Dear KOM-ers! We’re so happy to feature a new book giveaway!
Please enjoy this excerpt from “Loving Large” as well as Lara’s interview with author, and long time KOM friend, Patti M. Hall.
There are 2 ways to enter to win your choice of a FREE signed hard copy or eBook:
- Leave a comment below with your email address (so we can contact you)
- Email us at KOMWriting@gmail.com with the Subject: Loving Large giveaway entry
Winner will be randomly selected on 5/18/20 and announced on our website and social media. *
If not me, then who will save my child?
A mother must confront the unthinkable when her son is diagnosed with a rare medical condition.
In 2009, Patti’s life was pitched into an abyss of uncertainty when her 16-year-old son Aaron was diagnosed with gigantism, a disease of both legend and stigma, after doctors discovered golf ball-sized tumor on his pituitary gland. When this grenade went off in Patti’s life – an uber-rare disease that most people, including Patti, thought was a figment of folklore – all of her previously relied upon tools for crisis response were useless.
After scrambling to access a handful of medical experts in the field, Patti learns that her son could grow uncontrollably, his mobility could be permanently limited and his life could be cut short without timely and aggressive treatment. Already juggling the essential responsibilities of being a mother to two teen boys, the weight of her son’s rare-disease medical needs and gravity of his prognosis got so heavy that Patti cracked open.
In the “after diagnosis” period of their lives, as her son’s advocate, cheerleader, first responder and more, Patti got her son what he needed but nearly destroyed herself. Cleaved like the continental divide, she left who she’d been before irretrievably behind. Like many parents of chronically and critically ill children, Patti patrolled the perimeter of her child’s life while her marriage and closest relationships imploded, her career was paralyzed and self-care disappeared altogether with her identity in tow. Patti struggled and failed to rebuild her life as a newly divorced woman.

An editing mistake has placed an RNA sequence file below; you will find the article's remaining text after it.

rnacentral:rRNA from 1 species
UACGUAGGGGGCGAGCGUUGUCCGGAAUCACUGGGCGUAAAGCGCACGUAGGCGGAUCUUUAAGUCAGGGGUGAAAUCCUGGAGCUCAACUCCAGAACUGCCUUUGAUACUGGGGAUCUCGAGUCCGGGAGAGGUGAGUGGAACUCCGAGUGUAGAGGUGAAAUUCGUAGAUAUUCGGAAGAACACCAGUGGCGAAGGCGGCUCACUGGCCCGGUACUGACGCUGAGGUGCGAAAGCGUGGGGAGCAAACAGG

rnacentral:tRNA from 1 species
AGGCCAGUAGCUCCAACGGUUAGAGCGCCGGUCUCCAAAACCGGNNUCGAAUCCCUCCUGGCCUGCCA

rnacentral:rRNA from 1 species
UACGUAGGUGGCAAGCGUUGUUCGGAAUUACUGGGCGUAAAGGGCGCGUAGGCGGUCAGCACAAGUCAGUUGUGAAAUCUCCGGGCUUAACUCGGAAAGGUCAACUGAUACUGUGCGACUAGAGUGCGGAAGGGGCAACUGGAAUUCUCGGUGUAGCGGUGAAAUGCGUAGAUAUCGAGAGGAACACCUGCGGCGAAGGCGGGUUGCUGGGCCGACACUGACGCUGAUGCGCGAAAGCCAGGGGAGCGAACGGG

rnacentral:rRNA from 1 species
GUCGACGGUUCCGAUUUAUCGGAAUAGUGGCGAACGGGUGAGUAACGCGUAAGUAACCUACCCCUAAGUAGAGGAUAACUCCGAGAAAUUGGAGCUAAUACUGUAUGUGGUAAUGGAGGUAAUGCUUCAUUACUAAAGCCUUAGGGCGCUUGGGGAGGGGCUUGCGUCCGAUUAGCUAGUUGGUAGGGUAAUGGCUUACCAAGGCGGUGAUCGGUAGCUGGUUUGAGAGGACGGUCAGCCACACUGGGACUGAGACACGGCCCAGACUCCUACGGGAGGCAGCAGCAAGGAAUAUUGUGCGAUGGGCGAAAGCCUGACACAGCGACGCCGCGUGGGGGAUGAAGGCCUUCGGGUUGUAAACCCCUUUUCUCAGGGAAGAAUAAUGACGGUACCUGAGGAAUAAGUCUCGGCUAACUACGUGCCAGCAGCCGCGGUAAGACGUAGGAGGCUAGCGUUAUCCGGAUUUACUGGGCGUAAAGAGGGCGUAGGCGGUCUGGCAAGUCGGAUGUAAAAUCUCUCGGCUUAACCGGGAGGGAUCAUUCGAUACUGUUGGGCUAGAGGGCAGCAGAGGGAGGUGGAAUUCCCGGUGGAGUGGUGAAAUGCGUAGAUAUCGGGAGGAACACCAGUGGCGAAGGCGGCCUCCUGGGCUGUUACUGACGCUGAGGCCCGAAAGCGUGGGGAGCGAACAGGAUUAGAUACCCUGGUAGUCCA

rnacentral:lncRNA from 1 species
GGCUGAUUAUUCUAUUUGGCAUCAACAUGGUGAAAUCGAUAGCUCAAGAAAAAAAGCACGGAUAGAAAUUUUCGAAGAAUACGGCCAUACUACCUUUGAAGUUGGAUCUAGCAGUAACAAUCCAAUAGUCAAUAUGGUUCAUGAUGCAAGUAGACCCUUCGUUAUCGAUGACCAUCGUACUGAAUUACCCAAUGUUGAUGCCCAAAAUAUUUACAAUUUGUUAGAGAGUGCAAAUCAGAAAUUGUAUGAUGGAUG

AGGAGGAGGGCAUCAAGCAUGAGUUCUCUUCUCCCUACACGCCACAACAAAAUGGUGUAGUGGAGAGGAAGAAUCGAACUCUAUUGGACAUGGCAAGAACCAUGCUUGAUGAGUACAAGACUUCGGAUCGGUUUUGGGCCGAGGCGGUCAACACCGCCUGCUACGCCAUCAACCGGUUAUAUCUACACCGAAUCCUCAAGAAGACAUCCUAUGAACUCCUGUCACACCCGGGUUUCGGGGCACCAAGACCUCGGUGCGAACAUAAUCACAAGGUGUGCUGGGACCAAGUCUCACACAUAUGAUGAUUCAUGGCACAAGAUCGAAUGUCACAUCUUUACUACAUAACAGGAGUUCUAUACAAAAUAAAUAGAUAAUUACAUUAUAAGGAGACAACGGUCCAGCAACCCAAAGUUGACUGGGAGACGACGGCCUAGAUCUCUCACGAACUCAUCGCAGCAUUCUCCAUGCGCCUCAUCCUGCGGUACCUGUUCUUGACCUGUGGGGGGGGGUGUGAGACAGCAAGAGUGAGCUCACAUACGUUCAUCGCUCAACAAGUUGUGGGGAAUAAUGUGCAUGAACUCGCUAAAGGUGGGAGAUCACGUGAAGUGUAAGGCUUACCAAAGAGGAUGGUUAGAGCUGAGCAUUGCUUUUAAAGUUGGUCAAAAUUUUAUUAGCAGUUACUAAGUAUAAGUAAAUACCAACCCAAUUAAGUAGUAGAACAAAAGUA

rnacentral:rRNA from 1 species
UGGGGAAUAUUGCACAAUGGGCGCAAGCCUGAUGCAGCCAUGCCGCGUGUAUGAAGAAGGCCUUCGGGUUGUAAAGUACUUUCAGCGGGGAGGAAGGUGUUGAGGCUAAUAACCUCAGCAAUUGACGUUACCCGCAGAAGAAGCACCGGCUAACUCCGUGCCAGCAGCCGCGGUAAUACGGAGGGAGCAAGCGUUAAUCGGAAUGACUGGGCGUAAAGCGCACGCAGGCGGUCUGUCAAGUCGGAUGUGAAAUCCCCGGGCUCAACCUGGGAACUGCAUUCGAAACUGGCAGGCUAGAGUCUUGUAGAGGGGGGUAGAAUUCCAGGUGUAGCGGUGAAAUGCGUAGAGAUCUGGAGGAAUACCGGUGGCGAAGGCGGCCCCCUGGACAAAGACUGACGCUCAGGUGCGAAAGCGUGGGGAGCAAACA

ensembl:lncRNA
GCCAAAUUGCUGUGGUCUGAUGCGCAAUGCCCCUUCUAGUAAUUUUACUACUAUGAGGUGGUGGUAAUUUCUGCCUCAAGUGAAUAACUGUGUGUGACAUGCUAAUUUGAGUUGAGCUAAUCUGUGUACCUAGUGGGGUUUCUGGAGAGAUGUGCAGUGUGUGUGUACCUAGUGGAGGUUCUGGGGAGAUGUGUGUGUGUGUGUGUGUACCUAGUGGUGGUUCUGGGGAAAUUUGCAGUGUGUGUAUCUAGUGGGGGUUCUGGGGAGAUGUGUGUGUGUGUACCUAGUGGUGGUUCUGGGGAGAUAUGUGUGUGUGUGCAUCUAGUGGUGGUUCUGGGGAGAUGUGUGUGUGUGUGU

In Loving Large, Patti’s voice exudes wit, wisdom and humor as she discovers that resilience is learned and that the changes experienced in the aftermath of crisis can often create the greatest opportunities. Every mother and father of a child touched by a rare, chronic or incurable disease might have a unique tale of the diagnostic and treatment odyssey. Still, the commonalities of Patti and the experiences of many other parents’ heartaches and despair make this everyone’s story.
We think we comprehend the boundaries when we opt into parenthood. (We think we know a lot of things when we have our babies.) I believed I was a competent mother by the time my kids were in their teens and I ended up emotionally crippled by our experience. I was pulled into unknown waters by duty, loyalty, and love, sure, but primarily by necessity because I couldn’t find an answer to the one question that drove me to wade in deeper: if not me, then who will save my child? I’d volunteered for this gig, after all. This was my job. This is what parents sign on for in the ‘for better or for worse’ scenario called life with kids. But I was so far out of my depth that I wondered how I would survive, and if I would be cast adrift.
I was a boiling cauldron that day, grateful to the unknowing passersby who gave me fodder for resentment, seething as I was. I feel a little ashamed now of how I was hating on every person whose life was still going on unabated, untouched by the horror my son was enduring as instruments bored into his head, but it made the time easier to bide. Like I said, I’m ashamed now. I walked by self-absorbed students by the dozens with phones in one hand and Starbucks lattes in the other. People just kept on walking hurriedly to the places they told themselves mattered. I was a curled lip, snarling dog, looking at them in their busyness. Hurling whispered obscenities under my breath. I wanted the world to stop turning, to halt mid-stride and hold its collective breath until my son came out alive. My boy was on a surgeon’s table, and why did the world not get that?
* By entering this contest, you give consent to Kind Over Matter to use your name for promotional purposes on our website and on all social media.